This presentation describes work being done in the Ecoacoustics Laboratory at the Queensland University of Technology (QUT). An important part of our research is the visualisation, navigation, and analysis of long-duration recordings of the environment. Recordings of the environment help ecologists to monitor species diversity, endangered species, and the effects of climate change. It is fortunate that three major groups of vocal animals, birds, frogs, and insects, are also good indicators of environmental health. Acoustic recordings can therefore help in long term studies of environmental change, whether due to negative factors such as pollution, habitat loss, climate change, or due to positive factors such as conservation and restoration projects.
The above image shows a sound recording unit attached to a tree in bushland at the Samford Ecological Research Facility (SERF), on the outskirts of Brisbane City. Most of our recordings are obtained using SM2/SM4 recording boxes manufactured by Wild Life Acoustics, Massachusetts (as in the above image) or BAR recording boxes manufactured by Frontier Laboratories, Brisbane.
Slide 2: The Standard Spectrogram
Ecologists have long worked with spectrograms, two dimensional representations of sound, with time as the x-axis and frequency (Hertz or kilohertz) as the y-axis. Sound amplitude is coded by the grey-scale intensity. The typical spectrogram will be a few seconds long, or as long as required to demonstrate the animal call of interest. We have used acoustic recordings to monitor the cryptic Lewins Rail on the edges of Brisbane City. The sounds at 8 kHz and above in the spectrogram are due to crickets. There are at least four other birds also calling. However, if we want to prepare a spectrogram of a 24-hour recording at similar scale to that shown in Slide 2, it would require a computer screen 1.2 kilometres wide!
An additional problem with acoustic recordings is that technological advances now make it possible to record days, months, or even years of audio–far in excess of what can ever be listened to. Clearly some kind of audio reduction is required. Visualisation of sound is a promising approach because, of all the human senses, the visual sense has the greatest capacity to synthesise and integrate large amounts of information.
Slide 3: Long-duration spectrograms
A good way to reduce the information in acoustic recordings of the environment is by using acoustic indices. An acoustic index can be understood as a statistic, that is, a single value to summarise some aspect of the distribution of acoustic energy in a recording. Just as weather reports give average temperature to summarise the weather over an entire day, so we can also use acoustic indices to summarise acoustic properties in a segment of recording.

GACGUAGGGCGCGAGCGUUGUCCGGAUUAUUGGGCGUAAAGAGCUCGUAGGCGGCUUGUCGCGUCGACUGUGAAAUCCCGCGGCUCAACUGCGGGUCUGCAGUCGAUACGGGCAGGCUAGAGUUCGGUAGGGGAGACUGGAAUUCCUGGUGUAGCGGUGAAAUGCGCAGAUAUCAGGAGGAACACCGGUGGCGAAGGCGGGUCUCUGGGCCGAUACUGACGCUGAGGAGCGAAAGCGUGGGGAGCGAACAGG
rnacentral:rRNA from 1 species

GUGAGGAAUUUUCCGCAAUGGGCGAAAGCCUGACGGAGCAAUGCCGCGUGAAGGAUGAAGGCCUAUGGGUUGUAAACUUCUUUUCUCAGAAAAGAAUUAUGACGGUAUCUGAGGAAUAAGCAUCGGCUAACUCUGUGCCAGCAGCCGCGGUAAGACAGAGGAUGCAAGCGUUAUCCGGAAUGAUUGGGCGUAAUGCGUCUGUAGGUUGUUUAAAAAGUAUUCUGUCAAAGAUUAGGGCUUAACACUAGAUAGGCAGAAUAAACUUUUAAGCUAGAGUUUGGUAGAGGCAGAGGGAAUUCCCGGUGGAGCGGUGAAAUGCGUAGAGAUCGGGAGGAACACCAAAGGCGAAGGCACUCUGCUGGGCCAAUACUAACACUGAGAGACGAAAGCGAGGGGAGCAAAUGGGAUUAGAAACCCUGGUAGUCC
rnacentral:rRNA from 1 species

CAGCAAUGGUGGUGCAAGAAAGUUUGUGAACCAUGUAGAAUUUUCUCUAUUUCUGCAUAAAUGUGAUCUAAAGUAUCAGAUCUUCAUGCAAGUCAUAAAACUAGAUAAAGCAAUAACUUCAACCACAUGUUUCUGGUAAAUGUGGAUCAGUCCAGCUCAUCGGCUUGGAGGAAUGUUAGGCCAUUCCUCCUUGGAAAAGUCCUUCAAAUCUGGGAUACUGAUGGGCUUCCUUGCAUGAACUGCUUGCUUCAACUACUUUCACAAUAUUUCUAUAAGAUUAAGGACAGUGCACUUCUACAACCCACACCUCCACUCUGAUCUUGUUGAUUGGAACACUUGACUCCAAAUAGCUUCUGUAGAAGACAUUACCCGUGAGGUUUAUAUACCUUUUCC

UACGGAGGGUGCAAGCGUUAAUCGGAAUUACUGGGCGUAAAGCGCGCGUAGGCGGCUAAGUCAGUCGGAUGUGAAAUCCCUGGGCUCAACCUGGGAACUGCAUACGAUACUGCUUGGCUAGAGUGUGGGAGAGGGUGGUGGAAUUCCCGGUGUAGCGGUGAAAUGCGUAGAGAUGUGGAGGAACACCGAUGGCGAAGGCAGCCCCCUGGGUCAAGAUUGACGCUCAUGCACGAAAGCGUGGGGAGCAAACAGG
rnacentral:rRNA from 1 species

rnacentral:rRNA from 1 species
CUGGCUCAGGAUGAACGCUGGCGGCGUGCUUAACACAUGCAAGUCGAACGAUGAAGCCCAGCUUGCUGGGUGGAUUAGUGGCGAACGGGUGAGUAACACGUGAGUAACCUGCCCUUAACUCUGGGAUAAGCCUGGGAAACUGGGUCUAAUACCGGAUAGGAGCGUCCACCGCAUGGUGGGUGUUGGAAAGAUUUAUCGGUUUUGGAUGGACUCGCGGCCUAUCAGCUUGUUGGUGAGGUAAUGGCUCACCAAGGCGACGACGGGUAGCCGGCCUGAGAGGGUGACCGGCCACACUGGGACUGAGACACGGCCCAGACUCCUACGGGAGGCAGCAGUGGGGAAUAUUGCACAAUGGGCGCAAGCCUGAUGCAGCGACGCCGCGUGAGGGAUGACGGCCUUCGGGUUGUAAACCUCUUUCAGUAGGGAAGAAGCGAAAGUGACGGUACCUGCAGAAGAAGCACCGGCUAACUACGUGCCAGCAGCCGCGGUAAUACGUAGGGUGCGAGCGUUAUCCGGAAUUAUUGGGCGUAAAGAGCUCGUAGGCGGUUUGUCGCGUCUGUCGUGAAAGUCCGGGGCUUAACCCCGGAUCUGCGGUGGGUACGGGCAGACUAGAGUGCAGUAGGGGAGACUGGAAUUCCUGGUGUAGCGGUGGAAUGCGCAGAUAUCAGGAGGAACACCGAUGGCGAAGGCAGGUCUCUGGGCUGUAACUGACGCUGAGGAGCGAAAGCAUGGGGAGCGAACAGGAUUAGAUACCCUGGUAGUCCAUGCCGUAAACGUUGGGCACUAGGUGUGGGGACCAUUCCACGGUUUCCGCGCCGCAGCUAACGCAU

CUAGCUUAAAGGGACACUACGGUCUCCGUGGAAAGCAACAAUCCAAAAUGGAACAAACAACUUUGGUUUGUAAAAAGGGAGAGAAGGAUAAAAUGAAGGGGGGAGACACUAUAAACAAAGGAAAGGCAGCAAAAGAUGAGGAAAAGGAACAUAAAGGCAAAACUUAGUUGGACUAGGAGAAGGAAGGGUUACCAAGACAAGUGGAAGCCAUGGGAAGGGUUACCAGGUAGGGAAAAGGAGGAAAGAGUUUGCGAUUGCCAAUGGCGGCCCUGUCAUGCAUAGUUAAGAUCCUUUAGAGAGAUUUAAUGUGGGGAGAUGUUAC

There are now a lot of studies [see for example the papers of Almo Farina (Italy), Jerome Sueur (France), Stuart Gage (USA) and their students who collectively developed this field of research] which shows that certain indices such as the Acoustic Complexity Index (ACI)1 can detect the presence of biological sounds but remain unresponsive to various kinds of monotonous machine noise. This is useful when one wishes to characterise sound in a semi-urban environment. ACI measures the amount of relative change in sound amplitude from one time instant to the next.
It is possible therefore to prepare a spectrogram of a long duration recording using just the ACI index. We illustrate the method using a four-hour recording (4-8pm) obtained 10th October 2013. (See Slide 3). We break the four-hour recording into 240 one-minute segments. We prepare a standard spectrogram for each one-minute of recording and then calculate the ACI value for each of its 256 frequency bins. Each minute of recording therefore yields a single ACI spectrum containing 256 values. We then join the 240 spectra to make a spectrogram. As illustrated in Slide 3, the ACI spectrogram reveals a lot of acoustic structure. For example, the two tracks after sunset (right side of the spectrogram) are due to the chirps of two different species of cricket–note how the tracks decrease in frequency as temperature declines with the onset of night. Other dominant features in the spectrogram are due to birds.
Slide 4: Different indices give different views
In like manner, we can make additional spectrograms derived from other acoustic indices. In fact, one can experiment with many kinds of index in order to reveal the acoustic structure of interest. In this image, you see long-duration spectrograms prepared from three different acoustic indices. The H(t) index refers to temporal entropy. It measures the degree of (temporal) concentration of acoustic energy in a frequency bin. With continuous background noise, the acoustic energy is highly dispersed, yielding a low value for H(t). If the only sound over the minute is a single dog bark, the sound is concentrated and the value of H(t) will be high.
CVR is short for cover. It simply measures the fraction of spectrogram cells in a given frequency bin where the acoustic energy exceeds a threshold, typically 3 decibels (dB). These are comparatively simple indices, but the important point to note is that each index reveals different components or events in the acoustic sound-space. For example, a 30-minute cicada chorus is only seen in the CVR spectrogram starting at 6pm at 900 Hz. A strong event is shown at 4:30pm (1.8 kHz) in the H(t) spectrogram which is not so obvious in the other spectrograms.